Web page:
Lesson 3: Greek greetings and a grain of grammar

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First, I’m afraid, a bit of grammar. Learning a little bit now will make things much quicker in the long run.


Greek has a case system. This means that nouns (words that name things) change their form depending on the job they are doing in the sentence. The words only change at the ends, and so they are still easily recognisable.

The two cases we need now are the nominative and the accusative. The nominative (nom. for short) is used for the noun doing the action in an ordinary sentence, also called the ‘subject’, while the accusative (acc.) is used for the thing or person acted on, the ‘object’. So in ‘The man saw the dog’, ‘man’ is nominative, ‘dog’ accusative.

Quite often the nominative and accusative forms of a word will happen to be the same.


Greek also has a system of genders: nouns can be masculine, feminine or neuter. In principle you have to learn the gender of each noun, but there are a few big groups that you can distinguish by the endings of their nominative forms. For example:

Ending Gender Example (nom.) Example (acc.) Meaning
ος Masculine δρόμος δρόμο road (‘hippodrome’=‘horse road’, i.e. a course for horses to run round on)
η Feminine όρεξη όρεξη appetite (‘anorexic’=‘without appetite’)
α Feminine μέρα μέρα day (‘ephemeral’=‘for the day’)
ο Neuter φαρμακείο φαρμακείο chemist (‘pharmacist’)
ι Neuter ταξίδι ταξίδι journey (from the same origin as ‘taxi’)
υ Neuter βράδυ βράδυ evening

There are plenty of exceptions to the table above, but most are rare words. Only the first row is significantly misleading: there is a considerable number of common words ending in ος that are feminine and neuter.


Greek has an enormous range of greetings you can use. They fall into two classes: ‘nice wishes’ and ‘health’.

Nice wishes

The formula here is to think of a noun, put it in the accusative, and prefix it by the right form of καλός (nice: ‘calligraphy’ is ‘nice writing’). The form of καλός depends on the gender of the noun. For masculine and neuter, use καλό; for feminine, use καλή. Hence:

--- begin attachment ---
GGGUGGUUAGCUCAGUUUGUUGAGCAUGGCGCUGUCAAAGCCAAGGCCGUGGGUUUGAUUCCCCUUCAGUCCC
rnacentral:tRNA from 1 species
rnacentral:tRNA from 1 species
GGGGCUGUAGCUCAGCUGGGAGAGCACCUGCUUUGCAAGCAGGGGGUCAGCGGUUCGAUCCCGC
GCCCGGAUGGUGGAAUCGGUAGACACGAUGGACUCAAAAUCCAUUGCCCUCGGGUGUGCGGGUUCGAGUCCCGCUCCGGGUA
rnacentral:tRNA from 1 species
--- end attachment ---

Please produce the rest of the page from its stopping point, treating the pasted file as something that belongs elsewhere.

Noun Meaning Greeting Use
μέρα day (see above) καλή μέρα, καλημέρα Meeting someone, starting a ’phone converstation, entering a shop, as long as it’s not too late in the day
εσπέρα evening (‘vespers’ are in the evening) καλησπέρα Meeting someone, starting a ’phone converstation, entering a shop, in the evening
βράδυ evening καλό βράδυ Parting company in the evening
νύχτα night καλή νύχτα Parting company at night
βδομάδα week (a ‘hebdomad’ is a group of seven) καλή βδομάδα Meeting someone on a Monday, especially in business
μήνας month καλό μήνα Meeting someone on the first of the month, especially in business
χρονιά year (a ‘chronicle’ logs events over years) καλή χρονιά As ‘happy new year’
όρεξη appetite (see above) καλή όρεξη To someone starting a meal
ταξίδι journey (see above) καλό ταξίδι To anyone starting a journey
δρόμος road (see above) καλό δρόμο To anyone starting a journey by road, especially the driver

As you can imagine, if the first of the month falls on a Monday, business tends to slow down slightly as every ’phone call starts with the string of greetings καλημέρα, καλή βδομάδα, καλό μήνα.

Why the accusative? Presumably because these greetings are short for ‘I wish to you a nice day’ etc., making ‘day’ the object of ‘wish’.

Health greetings

The Greek for ‘health’ is υγεία (as seen in ‘hygeine’), which gets shortened to γεια. This word forms the basis of:

Greeting Meaning Use
γεια σου health to you As general hello or goodbye to someone young or a good friend
γεια σας health to you As general hello or goodbye to someone older or a stranger, or to a group
στη γεια σου to your health As ‘cheers’ (when drinking) to someone young or a good friend
στη γεια σας to your health As ‘cheers’ to someone older or a stranger, or to a group
στη γεια μας to our health As ‘cheers’ among a group

In Lesson 4, we’ll see how easy it is to learn some vocabulary.

This page most recently updated Fri 5 Jan 10:25:34 GMT 2024
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